11

Problem

Problem

Use the elimination method to solve the following system of linear equations.

$2x+y=1$

$3x-y=4$

A

$\left(-1,1\right)$

B

$\left(1,1\right)$

C

$\left(1,-1\right)$

D

$\left(-1,-1\right)$

12

Problem

Problem

Use the elimination method to solve the following system of linear equations.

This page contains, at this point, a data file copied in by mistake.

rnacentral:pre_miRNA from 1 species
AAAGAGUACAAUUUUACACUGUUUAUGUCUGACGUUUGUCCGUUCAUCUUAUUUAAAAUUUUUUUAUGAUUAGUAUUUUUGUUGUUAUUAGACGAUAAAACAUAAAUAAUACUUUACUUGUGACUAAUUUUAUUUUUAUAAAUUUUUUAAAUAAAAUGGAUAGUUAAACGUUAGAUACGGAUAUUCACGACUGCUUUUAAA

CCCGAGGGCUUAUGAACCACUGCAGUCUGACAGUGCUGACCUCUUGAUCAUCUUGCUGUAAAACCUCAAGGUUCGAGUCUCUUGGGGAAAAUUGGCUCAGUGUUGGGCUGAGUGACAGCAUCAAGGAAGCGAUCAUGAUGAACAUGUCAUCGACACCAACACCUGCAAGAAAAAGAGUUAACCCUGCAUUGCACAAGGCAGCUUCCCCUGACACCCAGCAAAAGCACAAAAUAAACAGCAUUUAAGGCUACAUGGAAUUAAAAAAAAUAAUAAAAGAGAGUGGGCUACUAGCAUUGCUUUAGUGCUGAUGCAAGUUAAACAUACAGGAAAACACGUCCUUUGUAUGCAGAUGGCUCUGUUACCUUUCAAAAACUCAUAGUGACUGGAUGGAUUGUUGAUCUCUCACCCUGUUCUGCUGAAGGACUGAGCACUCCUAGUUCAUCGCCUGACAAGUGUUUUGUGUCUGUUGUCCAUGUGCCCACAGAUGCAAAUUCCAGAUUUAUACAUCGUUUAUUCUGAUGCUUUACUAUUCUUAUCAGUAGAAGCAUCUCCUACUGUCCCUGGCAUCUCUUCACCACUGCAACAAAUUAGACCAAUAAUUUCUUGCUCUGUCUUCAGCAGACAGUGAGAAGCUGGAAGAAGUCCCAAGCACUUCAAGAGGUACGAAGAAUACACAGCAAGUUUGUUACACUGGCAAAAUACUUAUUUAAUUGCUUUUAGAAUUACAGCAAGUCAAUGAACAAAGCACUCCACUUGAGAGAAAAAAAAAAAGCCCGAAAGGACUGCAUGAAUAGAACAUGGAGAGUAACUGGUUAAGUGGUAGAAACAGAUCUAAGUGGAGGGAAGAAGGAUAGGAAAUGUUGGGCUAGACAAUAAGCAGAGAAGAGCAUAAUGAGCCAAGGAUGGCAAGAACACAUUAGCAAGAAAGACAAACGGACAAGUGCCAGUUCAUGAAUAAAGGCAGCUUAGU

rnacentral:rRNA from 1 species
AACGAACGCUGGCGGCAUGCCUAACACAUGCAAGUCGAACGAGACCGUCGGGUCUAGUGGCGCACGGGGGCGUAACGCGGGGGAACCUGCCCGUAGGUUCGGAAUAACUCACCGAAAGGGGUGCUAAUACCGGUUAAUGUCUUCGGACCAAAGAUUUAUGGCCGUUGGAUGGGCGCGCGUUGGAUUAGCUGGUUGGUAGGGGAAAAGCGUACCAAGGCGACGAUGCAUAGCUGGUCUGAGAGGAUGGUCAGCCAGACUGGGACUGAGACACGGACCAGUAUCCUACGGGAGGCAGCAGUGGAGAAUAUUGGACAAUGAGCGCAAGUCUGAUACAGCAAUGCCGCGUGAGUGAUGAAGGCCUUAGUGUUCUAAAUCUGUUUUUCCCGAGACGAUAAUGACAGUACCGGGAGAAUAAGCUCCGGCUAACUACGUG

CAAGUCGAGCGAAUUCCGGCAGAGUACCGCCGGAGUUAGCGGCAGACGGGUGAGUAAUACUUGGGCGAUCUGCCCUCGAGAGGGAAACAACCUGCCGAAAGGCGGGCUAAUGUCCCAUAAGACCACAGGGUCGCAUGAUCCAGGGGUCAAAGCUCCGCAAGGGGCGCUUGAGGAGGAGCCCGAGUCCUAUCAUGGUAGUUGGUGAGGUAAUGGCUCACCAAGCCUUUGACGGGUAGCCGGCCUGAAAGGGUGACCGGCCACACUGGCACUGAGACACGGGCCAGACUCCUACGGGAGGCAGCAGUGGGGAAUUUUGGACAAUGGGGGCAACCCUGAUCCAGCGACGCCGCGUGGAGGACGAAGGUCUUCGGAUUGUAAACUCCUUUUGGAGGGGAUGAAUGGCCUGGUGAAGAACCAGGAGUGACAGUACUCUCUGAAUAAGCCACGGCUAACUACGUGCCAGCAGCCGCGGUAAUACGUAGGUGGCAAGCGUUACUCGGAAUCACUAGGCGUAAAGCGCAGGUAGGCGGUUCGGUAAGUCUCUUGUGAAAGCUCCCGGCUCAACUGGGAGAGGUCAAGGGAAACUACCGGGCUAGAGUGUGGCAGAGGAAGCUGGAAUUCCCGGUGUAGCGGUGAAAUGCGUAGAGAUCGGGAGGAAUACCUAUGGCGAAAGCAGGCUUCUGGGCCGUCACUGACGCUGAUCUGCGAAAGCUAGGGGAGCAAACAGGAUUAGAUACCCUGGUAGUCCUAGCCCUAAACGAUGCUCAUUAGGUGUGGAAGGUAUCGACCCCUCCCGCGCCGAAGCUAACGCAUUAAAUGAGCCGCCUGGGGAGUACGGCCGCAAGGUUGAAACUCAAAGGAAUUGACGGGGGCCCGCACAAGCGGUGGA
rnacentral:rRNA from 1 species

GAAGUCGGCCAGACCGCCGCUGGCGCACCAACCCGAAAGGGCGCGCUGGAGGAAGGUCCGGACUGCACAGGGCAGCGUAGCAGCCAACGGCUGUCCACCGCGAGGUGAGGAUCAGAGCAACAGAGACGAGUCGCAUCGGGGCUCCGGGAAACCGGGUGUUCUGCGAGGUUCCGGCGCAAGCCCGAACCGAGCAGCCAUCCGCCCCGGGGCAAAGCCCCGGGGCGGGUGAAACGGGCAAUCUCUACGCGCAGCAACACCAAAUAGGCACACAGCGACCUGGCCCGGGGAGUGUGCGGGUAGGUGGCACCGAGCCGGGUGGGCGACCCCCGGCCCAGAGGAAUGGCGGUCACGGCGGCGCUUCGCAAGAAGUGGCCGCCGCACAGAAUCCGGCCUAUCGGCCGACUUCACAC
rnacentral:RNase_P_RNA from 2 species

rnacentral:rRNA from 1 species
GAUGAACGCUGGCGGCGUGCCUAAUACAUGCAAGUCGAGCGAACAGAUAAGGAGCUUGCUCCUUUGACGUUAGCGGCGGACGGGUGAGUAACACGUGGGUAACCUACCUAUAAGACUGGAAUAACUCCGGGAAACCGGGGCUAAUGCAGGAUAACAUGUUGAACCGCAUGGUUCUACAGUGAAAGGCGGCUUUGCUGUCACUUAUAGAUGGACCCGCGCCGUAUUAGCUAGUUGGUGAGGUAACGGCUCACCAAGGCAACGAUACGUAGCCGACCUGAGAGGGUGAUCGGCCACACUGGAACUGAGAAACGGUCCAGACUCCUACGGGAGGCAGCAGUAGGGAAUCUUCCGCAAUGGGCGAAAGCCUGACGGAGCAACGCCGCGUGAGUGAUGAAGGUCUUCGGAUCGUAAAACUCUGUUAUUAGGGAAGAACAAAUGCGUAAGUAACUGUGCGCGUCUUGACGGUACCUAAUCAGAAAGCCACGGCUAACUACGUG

$10x-4y=5$

$5x-4y=1$

A

$x=12,y=16$

B

$x=16,y=12$

C

$x=\frac34,y=\frac45$

D

$x=\frac45,y=\frac34$

13

concept

Classifying Systems of Linear Equations

Video duration:

6m

Play a video: